Denmark: Community Wind Energy Movement in Retreat [INFOGRAPHIC]
Denmark is the great wind power success story. What began as a local, popular, self-help movement during the oil crisis of the 1970s may provide 50% of the country’s electricity consumption by 2020.
Electricity generation from wind power is supported by the general public in Denmark and all major political parties. The government has ambitious plans for the sector after 2020.
But, big ambitions are no guarantee of success. As this infographic from Leonardo Energy shows, ambitious wind power development plans have fallen short in the past. An attempt to introduce market mechanisms actually stalled the wind industry for more than five years.
Source: Leonardo Energy
Denmark’s Popular Wind Power Movement
The popular movement that played such an important role in the establishment of Denmark’s wind power industry has gradually been whittled away. The latest wind turbines are five to ten times as expensive as the wind turbines of the early 2000s. Today’s large scale wind projects are undertaken by a handful of organizations with the financial clout and big project know-how to deliver them.
As ownership in the Danish wind power sector has become increasingly concentrated and remote, local opposition to new wind developments has stiffened.
From popular movement to concentrated ownership
Between 1975 and 1995 the Danish wind power sector was characterized by 55kW to 300kW turbines up to 60 meters high, owned by 20 – 40 households who purchased them with bank loans, according to Prof Frede Hvelplund from Aalborg University.
While new wind turbines were typically 500kW to 1MW after 1995 – and they tended to be erected by individual farmers rather than cooperatives – the revenues from the wind turbines continued to be taxed and spent locally.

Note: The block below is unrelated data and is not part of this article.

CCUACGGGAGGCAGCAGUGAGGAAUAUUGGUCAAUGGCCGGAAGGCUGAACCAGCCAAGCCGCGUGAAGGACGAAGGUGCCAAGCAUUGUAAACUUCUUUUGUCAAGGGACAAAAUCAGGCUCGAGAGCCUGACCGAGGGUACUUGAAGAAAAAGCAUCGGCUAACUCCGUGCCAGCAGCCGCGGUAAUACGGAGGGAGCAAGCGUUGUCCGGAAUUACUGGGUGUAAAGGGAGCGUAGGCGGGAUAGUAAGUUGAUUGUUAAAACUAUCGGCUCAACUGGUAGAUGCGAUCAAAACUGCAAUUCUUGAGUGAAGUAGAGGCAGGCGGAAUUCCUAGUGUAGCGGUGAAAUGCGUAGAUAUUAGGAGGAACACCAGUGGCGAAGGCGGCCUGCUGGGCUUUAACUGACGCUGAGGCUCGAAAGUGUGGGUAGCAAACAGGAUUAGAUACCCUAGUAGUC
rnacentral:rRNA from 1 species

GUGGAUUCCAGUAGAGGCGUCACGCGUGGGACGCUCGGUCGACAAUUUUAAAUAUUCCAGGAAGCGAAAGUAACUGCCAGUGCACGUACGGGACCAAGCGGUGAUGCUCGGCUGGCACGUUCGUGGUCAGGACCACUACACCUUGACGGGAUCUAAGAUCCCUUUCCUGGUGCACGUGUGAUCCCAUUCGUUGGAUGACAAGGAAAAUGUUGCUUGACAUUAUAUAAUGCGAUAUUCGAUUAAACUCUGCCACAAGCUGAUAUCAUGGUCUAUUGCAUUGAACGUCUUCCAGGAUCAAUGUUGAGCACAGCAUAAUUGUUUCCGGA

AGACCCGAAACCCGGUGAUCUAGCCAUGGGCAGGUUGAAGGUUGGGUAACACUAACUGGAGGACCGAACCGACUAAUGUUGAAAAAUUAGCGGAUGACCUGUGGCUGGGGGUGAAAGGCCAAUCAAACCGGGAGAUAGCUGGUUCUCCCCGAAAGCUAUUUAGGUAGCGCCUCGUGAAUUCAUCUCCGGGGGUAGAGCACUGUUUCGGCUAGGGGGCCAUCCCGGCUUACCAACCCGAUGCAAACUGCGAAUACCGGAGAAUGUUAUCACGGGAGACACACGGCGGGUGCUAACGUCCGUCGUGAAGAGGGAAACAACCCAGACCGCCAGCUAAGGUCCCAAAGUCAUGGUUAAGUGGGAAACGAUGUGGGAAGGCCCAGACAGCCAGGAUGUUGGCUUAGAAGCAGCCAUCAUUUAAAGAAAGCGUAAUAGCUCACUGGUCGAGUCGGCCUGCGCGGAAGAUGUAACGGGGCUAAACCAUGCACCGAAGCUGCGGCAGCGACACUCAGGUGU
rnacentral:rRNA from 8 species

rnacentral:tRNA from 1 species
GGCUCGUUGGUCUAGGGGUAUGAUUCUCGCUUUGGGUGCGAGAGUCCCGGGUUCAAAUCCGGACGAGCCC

A new center-right government proposed a very different wind power support regime for the liberalized electricity markets of the 2000s. Environmental and security-of -supply goals would be balanced against the need to protect the interests of the consumer.
The feed-in tariff regime was replaced by market mechanisms – a type of renewables portfolio standard, including CO2 quotas, tradable emissions allowances and renewable energy certificates. Requirements for an element of local ownership were removed. That was seen as a barrier to competition among investors. Remote investment meant fewer local benefits and less local taxation.
Denmark’s Promotion of Renewable Energy Act 2009 re-established feed-in tariffs for wind power as well as other renewable energy technologies.
But the scale, cost and complexity of wind turbines have changed forever. Restoration of the original pattern of popular and local ownership of wind turbines is not possible.
Restore popular ownership by restricting concentration?
One solution, according to Professor Hvelplund, is local ownership with external support. He wants to see regulations requiring local communities to be offered a majority share in any new wind developments.